We have an Eero system in our house; it does really good and reliable wifi distribution, including to my office in the garage. And it was nice to have a piece of home electronics that was neither from one of the great data-sucking companies like Google, nor from the control-freak companies like Apple — and also not from a no-name white-label re-badger or a giant shitty telco switch company whose consumer products arm is an afterthought.
And as Dieter Bohn writes in The Verge, there's more than one way to spy on your with an Eero — it doesn't have to monitor your traffic, it could enumerate the devices, and/or look at flows of data rather than content, and/or connect Eero data to the many other data-streams that Amazon sucks out of your life.
It's just a minor annoyance — yet another device I'm going to be in the market to replace with something that has no Alexa support or support for any other company's surveillance/silo strategy — but it's also a good candidate for this month's poster child for trustbusting. Companies should not be able to grow by buying up nascent competitors. This does not produce a good outcome for consumers, nor for markets. It corrodes our politics and limits our imaginations. It deters the right kind of entrepreneurs (those who want to grow by serving customers) and encourages the wrong kind (growth through providing missing puzzle-pieces to already-bloated giants).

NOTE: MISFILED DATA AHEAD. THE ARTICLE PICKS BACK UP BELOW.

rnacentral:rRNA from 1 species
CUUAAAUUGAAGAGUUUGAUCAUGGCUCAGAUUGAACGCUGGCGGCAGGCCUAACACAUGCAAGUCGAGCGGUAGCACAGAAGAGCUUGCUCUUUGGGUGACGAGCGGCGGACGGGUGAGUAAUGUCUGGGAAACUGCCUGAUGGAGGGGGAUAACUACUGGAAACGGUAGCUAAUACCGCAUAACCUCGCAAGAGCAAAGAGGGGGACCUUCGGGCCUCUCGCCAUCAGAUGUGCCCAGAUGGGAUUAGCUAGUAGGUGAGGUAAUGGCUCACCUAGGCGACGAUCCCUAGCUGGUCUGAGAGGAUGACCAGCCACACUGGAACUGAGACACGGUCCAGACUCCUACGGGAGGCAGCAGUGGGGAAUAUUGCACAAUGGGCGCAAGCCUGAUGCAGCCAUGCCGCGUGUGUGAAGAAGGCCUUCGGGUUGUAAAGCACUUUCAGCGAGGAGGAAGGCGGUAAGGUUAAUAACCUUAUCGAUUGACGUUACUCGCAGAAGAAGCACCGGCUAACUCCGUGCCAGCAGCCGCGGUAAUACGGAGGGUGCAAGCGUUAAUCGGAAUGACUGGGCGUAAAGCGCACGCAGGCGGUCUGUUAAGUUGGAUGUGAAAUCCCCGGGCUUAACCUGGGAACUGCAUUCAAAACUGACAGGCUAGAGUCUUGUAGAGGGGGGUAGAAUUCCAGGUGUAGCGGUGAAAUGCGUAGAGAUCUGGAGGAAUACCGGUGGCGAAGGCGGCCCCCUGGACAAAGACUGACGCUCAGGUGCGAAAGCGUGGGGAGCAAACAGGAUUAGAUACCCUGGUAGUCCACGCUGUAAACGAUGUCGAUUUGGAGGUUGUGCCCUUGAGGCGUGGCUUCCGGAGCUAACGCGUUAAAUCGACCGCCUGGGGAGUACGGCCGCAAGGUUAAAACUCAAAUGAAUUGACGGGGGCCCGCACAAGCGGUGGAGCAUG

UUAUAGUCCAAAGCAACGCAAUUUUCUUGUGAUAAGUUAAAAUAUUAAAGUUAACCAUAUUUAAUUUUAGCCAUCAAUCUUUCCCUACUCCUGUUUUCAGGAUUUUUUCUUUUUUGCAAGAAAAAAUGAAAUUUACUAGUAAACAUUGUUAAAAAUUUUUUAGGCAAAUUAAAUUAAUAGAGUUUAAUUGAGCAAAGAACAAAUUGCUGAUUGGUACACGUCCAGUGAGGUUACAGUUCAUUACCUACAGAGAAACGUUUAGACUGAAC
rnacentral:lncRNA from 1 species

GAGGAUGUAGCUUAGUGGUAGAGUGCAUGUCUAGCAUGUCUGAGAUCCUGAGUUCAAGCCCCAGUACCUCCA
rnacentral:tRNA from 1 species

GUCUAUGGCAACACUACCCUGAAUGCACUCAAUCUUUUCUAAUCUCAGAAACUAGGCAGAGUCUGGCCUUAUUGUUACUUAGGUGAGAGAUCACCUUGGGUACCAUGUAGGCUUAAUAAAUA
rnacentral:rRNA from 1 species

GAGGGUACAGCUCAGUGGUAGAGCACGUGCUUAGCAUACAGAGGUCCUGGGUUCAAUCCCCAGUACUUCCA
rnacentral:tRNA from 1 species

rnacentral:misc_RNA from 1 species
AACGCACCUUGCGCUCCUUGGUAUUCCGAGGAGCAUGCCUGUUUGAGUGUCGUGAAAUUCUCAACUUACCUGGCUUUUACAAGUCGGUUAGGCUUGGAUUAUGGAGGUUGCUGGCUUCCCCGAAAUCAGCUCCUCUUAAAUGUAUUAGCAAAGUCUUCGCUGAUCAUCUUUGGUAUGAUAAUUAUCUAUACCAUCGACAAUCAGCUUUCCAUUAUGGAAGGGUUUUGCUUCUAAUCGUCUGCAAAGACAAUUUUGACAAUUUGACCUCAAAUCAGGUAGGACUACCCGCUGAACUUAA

And so: Exhaustion. It's exhausting thinking about how how rapacious big companies are when it comes to our data. It's exhausting to think about how difficult it is for independent companies to stay independent. Amazon buying Eero just feels different after we've spent the past three years realizing just how much control all these tech giants have over our lives.
Why Amazon buying Eero feels so disappointing [Dieter Bohn/The Verge]